of what estate or degree soever he be that will saie or prove that King Henry the Eight is not the rightful inheritor and Kynge of this realm, I Sir Robert Dimmoke here his champion offre my glove, to fight in his querell with any persone to thutterance.”

The champions appear to have been more familiar in the olden time, and to have discoursed more freely with those about them) -but perhaps the less that is said the better amongst fighting men; so I shall not differ with our present Sir Knight on accoụnt of his solemn taciturnity. The same old writer from whom I have given you the above description, speaks curiously of the pageants which were had to enliven the procession of Anne Boleyn from the Tower of Westminster. The Three Graces, he tells us, took their stand on Cornhill, and the Cardinal Virtues in Fleet-street -a fountain of Helicon ran Rhenish wine; and the Conduit in Cheap, with a laudable courtesy, spouted claret. But I must not lose myself amongst books.

On the Champion retiring, the second course was served up as before: the Marquis's horse becoming more and more unmannerly. It was not amiss that his dutics were over.

Certain services were now performed, which generally ended in a peer, or some other fortunate personage, carrying off a gold cup. The most interesting was the present of two falcons to his Majesty from the Duke of Athol.

The King's health was about this time drunk with great acclamations, and the national air of “ God save the King" sung in a grand style. I think I never heard it sung better before. .

The King, standing up, drank to his people; notice of which honour was communicated by the Duke of Norfolk; and very shortly afterwards (Non Nobis Domine having been sung, in which I heard the King take a part,) his Majesty retired amidst the joyous clamours of his people.

I now descended into the body of the Hall, which was thronged with splendour and beauty. Hock and champagne, and fruit and venison pasties, were passing and repassing; and the most brilliant ladies were snatching at all the good things of this world from officers and gentlemen waiters. I was not idle; for having asked for a glass of water, and being informed “ You get no water, take the wine, Great Potentate." I fell seriously to work upon a cherry pie, the nearest dish, and followed this victory up with others of a more decisive nature. I forgot that I had been famished; and lifting a cup of burgundy to my lips, declared that the fatigue of the day had been nothing—a jest—a merriment-a thing to tell of to the children of 1896, or to write to kind friends in 1821. Before I quitted the banquet-room, I took the liberty of pocketing a sweetmeat dolphin, filched from the top of the Temple of Concord, which I shall long preserve amongst my scarce papers and curious coins, as a relic of the great Coronation Feast. Thus ended this splendid day.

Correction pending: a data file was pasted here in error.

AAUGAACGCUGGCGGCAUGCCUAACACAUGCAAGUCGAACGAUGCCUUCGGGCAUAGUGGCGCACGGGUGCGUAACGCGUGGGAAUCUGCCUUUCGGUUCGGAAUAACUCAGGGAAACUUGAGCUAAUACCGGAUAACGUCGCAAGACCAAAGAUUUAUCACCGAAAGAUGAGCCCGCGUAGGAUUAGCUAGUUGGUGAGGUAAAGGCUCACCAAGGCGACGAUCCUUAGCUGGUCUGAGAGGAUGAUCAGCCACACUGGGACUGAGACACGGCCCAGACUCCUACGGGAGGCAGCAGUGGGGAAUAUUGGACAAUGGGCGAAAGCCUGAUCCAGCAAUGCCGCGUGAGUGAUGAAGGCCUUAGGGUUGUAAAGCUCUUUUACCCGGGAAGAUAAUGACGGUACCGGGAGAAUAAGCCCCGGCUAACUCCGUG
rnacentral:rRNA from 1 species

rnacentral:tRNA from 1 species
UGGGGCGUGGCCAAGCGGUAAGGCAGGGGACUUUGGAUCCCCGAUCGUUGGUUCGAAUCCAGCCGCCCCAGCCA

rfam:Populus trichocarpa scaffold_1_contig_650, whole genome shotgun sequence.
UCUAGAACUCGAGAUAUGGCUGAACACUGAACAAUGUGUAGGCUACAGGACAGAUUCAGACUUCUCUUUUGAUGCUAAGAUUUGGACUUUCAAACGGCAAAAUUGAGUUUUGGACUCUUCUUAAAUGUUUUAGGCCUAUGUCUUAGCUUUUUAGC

I have detailed the particulars of the pageant as faithfully as possible; and I only hope that the length of my letter, and its tedious minuteness, will not weary you. I have purposely abstained from any political discussion about the exclusion of the Queen, or her Majesty's morning visit, because I only intended a description of the pageant, and I knew that you cared not to have a repeatedly